Safer, cheaper building blocks for future drugs

Jul 05 2014, 10:39 IST
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Drug developers have successfully used 1,2,3-triazoles as building blocks in various anti-HIV and anti-cancer drugs. (Reuters) Drug developers have successfully used 1,2,3-triazoles as building blocks in various anti-HIV and anti-cancer drugs. (Reuters)
SummaryA team of researchers from KU Leuven, in Belgium, has developed a chemical reaction that yields fully functional 1,2,3-triazoles.

Researchers have developed an economical, reliable and metal-free chemical reaction that could yield building blocks for future anti-HIV and cancer drugs.

A team of researchers from KU Leuven, in Belgium, has developed a chemical reaction that yields fully functional 1,2,3-triazoles.

Triazoles are chemical compounds that can be used as building blocks for more complex chemical compounds, including pharmaceutical drugs.

Leveraging the compound's surprisingly stable structure, drug developers have successfully used 1,2,3-triazoles as building blocks in various anti-HIV, anti-cancer and anti-bacterial drugs.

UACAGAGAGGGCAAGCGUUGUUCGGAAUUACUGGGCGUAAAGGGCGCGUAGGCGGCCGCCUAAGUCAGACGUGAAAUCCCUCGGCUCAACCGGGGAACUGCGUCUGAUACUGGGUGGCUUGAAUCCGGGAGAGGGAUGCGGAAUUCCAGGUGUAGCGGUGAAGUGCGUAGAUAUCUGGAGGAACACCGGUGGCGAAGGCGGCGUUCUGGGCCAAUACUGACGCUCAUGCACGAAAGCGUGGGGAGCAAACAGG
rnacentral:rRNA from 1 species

But efforts to synthesise the compound have been hampered by one serious hurdle: they depend on harmful heavy metals to work, and this severely limits their biological applications.

In new experiments, a research team at KU Leuven's Molecular Design and Synthesis lab confirm for the first time that 1,2,3-triazoles can be synthesised through a metal-free, three-component reaction using readily available ingredients.

"We were able to develop a reaction that provided a good yield, high regioselectivity and easy access to diversely functionalised 1,2,3-triazoles," said corresponding author Wim Dehaen.

"In other words, the reaction produces plenty of the compounds we're looking for, does so reliably without unwanted or unexpected outcomes, and does this in a way that makes it easy for us to isolate the compound. This makes our method highly desirable," said Dehaen.

"Moving forward, we will focus on expanding the chemistry developed here to other new reactions while also exploring their possible applications in pharmaceutical as well as supra-molecular sciences," said lead author Dr Joice Thomas.

The finding was published in the journal Angewandte Chemie.

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